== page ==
By Tracy Wilkinson
Tribune Washington Bureau
WWR Article Summary (tl;dr) Could it finally be time for a woman to lead the U.N.? Some say that given the U.N.’s widely criticized response to scandals such as sex abuse by some U.N. peacekeeping troops and its struggle to respond to the mass movement of refugees in the Middle East and Europe, a new kind of voice, especially that of a woman, is in order.
The chatter these days in the halls of the labyrinthine United Nations complex almost resembles a contested U.S. political convention. Only the names and nationalities are different.
For the first time since the U.N. was founded in 1945, the 193 member states will choose a new secretary-general in a relatively open and apparently transparent election.
And for the first time, a woman could win.
Voting, usually a secretive process of geopolitical deal-making, starts later this year, and the new term starts Jan. 1. Those vying for the post include at least four women, as well as candidates from some of the planet’s tiniest countries, like little Montenegro (population: 650,000).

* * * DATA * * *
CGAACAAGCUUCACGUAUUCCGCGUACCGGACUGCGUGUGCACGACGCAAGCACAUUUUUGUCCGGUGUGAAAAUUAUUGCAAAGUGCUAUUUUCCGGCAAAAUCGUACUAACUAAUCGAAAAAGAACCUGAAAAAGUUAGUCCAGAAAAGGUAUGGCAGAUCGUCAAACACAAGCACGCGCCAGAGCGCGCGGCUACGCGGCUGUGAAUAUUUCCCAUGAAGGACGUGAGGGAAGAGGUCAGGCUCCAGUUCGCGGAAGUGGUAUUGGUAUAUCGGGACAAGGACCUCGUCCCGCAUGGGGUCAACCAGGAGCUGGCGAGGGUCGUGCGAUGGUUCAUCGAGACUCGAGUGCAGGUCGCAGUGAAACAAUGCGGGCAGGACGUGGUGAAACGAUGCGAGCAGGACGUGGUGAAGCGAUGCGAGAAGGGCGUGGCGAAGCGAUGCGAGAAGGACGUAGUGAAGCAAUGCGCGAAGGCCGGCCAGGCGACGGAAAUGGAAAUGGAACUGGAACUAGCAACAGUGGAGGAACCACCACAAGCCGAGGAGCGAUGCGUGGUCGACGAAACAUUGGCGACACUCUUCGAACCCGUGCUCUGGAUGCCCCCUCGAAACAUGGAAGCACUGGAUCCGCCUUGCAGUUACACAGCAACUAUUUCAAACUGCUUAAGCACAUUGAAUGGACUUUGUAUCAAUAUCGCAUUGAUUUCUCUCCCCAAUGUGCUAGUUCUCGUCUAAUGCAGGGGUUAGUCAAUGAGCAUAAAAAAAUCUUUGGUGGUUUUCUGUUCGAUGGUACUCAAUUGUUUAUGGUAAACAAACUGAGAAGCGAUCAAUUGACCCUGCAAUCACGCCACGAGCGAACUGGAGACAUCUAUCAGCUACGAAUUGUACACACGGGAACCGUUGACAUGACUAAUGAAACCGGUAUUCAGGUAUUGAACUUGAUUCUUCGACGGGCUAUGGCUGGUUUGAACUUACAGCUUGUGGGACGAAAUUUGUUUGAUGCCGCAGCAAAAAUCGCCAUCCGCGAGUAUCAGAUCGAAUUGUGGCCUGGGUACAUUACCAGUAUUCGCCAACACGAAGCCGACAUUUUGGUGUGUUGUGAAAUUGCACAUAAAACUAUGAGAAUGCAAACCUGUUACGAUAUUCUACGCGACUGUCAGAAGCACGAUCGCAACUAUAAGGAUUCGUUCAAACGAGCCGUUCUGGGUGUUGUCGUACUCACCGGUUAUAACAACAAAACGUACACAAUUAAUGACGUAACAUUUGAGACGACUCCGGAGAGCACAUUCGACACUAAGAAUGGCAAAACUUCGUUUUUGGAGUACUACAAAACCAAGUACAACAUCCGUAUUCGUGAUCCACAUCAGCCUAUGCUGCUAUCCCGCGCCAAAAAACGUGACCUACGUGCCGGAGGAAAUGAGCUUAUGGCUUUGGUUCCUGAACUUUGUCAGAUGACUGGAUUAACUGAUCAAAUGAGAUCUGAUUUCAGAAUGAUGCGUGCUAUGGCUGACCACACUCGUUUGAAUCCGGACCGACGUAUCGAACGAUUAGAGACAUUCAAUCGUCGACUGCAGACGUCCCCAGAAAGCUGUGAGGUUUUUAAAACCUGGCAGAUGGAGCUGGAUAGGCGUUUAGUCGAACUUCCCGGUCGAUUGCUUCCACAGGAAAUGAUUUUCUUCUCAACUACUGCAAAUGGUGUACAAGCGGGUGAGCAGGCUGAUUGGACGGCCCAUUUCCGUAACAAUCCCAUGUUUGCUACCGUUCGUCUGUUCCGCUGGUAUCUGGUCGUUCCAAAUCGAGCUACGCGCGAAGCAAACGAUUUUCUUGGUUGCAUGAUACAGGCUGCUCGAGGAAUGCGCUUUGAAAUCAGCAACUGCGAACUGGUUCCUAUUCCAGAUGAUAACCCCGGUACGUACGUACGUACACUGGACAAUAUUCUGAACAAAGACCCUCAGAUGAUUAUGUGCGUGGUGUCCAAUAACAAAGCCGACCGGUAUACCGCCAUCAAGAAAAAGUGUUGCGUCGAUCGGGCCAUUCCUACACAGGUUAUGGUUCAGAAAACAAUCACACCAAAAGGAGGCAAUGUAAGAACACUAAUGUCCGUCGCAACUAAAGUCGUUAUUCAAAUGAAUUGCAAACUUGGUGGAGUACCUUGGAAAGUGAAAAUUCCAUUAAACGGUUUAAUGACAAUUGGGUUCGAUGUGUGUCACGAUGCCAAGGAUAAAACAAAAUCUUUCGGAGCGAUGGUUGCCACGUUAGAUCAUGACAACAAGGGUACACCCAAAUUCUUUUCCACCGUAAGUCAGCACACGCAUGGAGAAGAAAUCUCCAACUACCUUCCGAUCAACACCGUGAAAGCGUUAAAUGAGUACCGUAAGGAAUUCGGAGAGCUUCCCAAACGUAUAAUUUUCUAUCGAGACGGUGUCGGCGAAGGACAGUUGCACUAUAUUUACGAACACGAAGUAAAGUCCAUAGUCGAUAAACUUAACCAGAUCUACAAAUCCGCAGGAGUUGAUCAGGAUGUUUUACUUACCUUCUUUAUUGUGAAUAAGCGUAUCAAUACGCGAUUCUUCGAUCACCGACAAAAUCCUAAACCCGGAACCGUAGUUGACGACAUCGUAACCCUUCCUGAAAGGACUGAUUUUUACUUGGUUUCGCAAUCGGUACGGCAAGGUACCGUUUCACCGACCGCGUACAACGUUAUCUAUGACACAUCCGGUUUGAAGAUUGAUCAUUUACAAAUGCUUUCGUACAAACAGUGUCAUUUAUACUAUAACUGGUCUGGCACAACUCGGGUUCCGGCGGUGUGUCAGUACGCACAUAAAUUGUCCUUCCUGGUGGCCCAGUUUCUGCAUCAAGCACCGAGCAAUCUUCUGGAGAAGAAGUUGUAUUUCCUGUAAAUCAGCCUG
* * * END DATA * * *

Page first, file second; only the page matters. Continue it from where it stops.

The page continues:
Formally, nine candidates have thrown their hats in the ring, and a few more are expected in the coming days. Speculation is rampant that someone of the stature of, say, Angela Merkel, chancellor of Germany, could be recruited.
The candidates are making the rounds of hearings, submitting their resumes and traveling to high-profile U.N. events the world over. Campaigning can be risky, though, for a position whose job description could be “world’s ultimate diplomat.”
Aspirants have to be careful not to voice views that could come back to haunt them. For example, advocacy on behalf of LGBT rights, a favored U.N. cause, could doom a candidate in some African or Asian countries where homosexuality is still illegal.